Oregano is an old pal. Cinnamon? You know how to work it. So what’s a home cook to do when in need of a new flavor to get through the final days of winter? How about adding some dried juniper berries to the spice rack. Best known as the base flavor of gin, juniper berries -- which aren’t really a berry but rather the cleverly disguised cone of juniper bushes -- are also a flavorful must for pickling and for cooking with game or pork.
Double Duck Breast with Baked Figs
from A Platter of Figs and Other Recipes, by David Tanis (Artisan, $35)
3 tablespoons salt
1 teaspoon peppercorns
½ teaspoon allspice berries
½ teaspoon juniper berries
A few cloves
2 bay leaves
6 garlic cloves, slivered
6 large Muscovy duck breasts, about 1 pound each
Baked Figs (recipe follows)
Aged balsamic vinegar
2. Trim the duck breasts and lay them on a baking sheet or platter. Season each breast on both sides with the spice mixture, massaging the seasoning into the flesh with your fingers.
3. Now pair up the breasts, and make each pair into a sort of sandwich -- that is, stack one breast on top of the other, skin sides out. With butcher’s twine, tie the “sandwiches” together, to make three compact little roasts. Wrap and refrigerate for at least several hours, or overnight.
4. Place the breasts in a shallow roasting pan and let them come to room temperature. Preheat the oven to 400°F. Pop the roasts into the oven and cook for 15 minutes. The duck will render a fair amount of fat. Carefully pour off the fat. Turn the roasts over and return to the oven for 15 minutes more or until nicely browned. An instant-read thermometer should register 125°F for a succulent, rosy medium-rare.
5. Remove the duck from the oven and pour off any accumulated fat. Let the roasts rest for 10 or 15 minutes.
Remove the twine and cut the duck breasts crosswise into 1/8-inch-thick slices. Arrange the slices on a warmed platter and garnish with the baked figs. Drizzle a little aged balsamic vinegar over the duck and the figs. (Serves 12)
24 ripe figs
1. With a sharp paring knife, cut the figs in half top to bottom, right through the stem, so their natural shape is preserved.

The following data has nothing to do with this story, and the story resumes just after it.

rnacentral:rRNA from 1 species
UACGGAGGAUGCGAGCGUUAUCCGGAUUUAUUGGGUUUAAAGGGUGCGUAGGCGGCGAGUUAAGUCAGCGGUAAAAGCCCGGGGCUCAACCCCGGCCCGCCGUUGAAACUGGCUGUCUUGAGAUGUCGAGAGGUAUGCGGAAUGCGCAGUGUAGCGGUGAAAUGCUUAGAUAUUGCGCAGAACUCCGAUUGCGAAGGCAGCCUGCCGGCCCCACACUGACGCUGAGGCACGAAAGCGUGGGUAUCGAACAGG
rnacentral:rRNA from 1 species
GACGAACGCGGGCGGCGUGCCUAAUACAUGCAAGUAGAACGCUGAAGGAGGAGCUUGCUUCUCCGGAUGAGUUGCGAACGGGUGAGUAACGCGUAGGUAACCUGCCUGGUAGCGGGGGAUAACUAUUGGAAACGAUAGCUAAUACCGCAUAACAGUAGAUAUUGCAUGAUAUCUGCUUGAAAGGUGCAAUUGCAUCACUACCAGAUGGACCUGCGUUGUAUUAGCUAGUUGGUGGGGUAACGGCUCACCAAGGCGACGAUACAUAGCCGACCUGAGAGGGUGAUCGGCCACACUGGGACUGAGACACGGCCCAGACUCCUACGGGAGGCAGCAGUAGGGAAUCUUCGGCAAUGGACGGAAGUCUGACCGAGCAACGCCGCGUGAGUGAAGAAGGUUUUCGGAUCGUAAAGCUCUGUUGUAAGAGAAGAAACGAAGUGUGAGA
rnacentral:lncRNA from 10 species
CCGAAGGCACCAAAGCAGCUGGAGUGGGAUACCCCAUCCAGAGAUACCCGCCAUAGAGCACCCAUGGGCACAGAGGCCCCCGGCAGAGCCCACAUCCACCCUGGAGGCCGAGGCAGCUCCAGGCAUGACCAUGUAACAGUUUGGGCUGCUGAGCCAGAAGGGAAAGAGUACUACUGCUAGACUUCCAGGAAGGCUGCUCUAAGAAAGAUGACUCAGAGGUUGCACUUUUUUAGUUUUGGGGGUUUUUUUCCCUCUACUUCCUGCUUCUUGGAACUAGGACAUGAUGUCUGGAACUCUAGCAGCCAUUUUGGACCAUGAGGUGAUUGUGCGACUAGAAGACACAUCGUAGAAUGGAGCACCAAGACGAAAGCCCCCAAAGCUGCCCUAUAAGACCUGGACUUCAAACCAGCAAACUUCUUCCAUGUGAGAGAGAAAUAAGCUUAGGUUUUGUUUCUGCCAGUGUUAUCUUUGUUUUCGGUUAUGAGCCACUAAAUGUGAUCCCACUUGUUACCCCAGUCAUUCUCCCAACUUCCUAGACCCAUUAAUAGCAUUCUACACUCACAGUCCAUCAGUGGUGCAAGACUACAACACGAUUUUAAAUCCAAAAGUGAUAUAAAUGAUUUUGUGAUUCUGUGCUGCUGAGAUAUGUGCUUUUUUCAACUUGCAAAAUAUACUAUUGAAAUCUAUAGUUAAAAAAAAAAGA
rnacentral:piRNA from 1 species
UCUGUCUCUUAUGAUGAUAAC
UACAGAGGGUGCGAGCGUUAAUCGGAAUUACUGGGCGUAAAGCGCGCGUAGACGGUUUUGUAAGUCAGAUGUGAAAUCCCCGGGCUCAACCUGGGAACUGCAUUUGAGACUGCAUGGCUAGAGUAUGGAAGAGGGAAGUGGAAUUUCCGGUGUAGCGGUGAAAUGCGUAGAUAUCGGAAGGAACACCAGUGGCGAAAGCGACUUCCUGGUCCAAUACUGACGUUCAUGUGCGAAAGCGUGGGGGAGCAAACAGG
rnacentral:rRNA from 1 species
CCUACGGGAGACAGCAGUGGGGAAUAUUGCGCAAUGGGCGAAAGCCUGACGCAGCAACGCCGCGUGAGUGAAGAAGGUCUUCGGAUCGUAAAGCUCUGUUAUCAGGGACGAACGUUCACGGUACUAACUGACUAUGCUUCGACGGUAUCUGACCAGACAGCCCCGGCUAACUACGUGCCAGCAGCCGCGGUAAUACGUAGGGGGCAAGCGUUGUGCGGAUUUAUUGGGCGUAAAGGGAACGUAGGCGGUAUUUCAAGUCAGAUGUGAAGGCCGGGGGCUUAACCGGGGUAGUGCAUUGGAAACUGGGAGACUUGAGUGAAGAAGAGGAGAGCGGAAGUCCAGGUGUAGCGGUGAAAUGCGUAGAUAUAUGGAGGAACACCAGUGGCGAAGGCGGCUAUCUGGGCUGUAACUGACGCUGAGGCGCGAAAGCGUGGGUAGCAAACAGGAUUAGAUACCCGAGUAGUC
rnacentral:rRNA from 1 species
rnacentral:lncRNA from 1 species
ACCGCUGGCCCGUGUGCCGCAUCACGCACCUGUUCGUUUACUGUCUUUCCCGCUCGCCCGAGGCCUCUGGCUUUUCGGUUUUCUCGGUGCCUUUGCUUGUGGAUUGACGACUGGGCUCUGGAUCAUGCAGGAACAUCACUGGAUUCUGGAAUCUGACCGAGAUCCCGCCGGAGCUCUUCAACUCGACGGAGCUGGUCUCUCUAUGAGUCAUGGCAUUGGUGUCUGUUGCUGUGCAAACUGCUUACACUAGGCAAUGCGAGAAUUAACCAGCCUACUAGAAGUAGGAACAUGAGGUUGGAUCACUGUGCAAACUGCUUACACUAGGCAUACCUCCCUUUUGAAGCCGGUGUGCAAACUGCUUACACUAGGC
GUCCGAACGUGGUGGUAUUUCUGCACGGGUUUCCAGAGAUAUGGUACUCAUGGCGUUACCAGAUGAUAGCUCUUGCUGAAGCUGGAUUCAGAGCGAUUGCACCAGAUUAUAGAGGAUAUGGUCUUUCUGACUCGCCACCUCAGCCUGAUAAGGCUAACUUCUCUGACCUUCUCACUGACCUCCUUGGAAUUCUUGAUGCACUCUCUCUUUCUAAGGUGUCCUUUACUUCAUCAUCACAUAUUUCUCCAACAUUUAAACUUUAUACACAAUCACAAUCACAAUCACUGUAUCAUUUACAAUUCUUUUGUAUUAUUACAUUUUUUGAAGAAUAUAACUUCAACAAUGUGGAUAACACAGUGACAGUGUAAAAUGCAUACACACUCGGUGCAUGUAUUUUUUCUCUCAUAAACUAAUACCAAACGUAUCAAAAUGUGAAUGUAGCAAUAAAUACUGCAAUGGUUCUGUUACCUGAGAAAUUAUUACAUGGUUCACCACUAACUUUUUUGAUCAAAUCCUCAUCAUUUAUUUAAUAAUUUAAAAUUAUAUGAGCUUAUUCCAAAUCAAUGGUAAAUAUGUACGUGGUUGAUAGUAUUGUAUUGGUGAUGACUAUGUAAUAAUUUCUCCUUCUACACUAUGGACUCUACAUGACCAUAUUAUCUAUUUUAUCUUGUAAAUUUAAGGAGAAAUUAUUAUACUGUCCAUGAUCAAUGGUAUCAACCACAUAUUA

2. Preheat the oven to 400°F. Scatter a few thyme branches in the bottom of a shallow earthenware dish (or two) just large enough to hold the figs. Place the figs cut side up in the dish. Spoon a few drops of olive oil over them.
3. Bake the figs for about 20 minutes, until they puff a little and look juicy. Serve the figs on the duck platter, warm or at room temperature.
Tired of the same old gin and tonic? Get your cocktail taste buds on the move with the Corpse Reviver Number 2, a gin-riffic recipe from Ti Adelaide Martin and Lally Brennan’s In the Land of Cocktails (HarperCollins, $20).
1 ounce Tanqueray gin
1 ounce Cointreau
1 ounce fresh lemon juice
1 ounce Lillet blanc
3 drops Herbsaint, Pernod, or Ricard
1 maraschino cherry without the stem
Fill a martini glass with ice to chill. In a cocktail shaker with ice combine the gin, Cointreau, lemon juice, and Lillet, and shake vigorously. Strain into chilled glass. Insert a plastic straw into the Herbsaint bottle and draw a small portion of the liqueur into the straw by placing your finger on the top of the straw. Withdraw your finger slowly and tap the straw three times to extract about nine small drips (or three large drops) into the drink.
Sink the cherry to the bottom of the glass and serve immediately.
Buy the Berry
No juniper bush in your backyard? Worry not. The dried berries are readily available online. Two top spice sources to try are Penzeys Spices (800-741-7787, www.penzeys.com), where a four-ounce bag of juniper berries harvested in Albania goes for $3, and the Spice House (847-328-3711, www.thespicehouse.com), which offers a half-cup shaker jar of berry goodness for $4 .
A Dry Soda Gin is always in, and Lu Brow, the bar chef at the Swizzle Stick Bar at Café Adelaide in New Orleans, recommends Tanqueray for a gin that really highlights the flavor of the juniper berry. But, thanks to Dry Soda Co.’s new juniper berry flavor, there’s also a nonalcoholic way to sip the spice. Add a spritz of lime and enjoy. $19 for a 12-pack. www.drysoda.com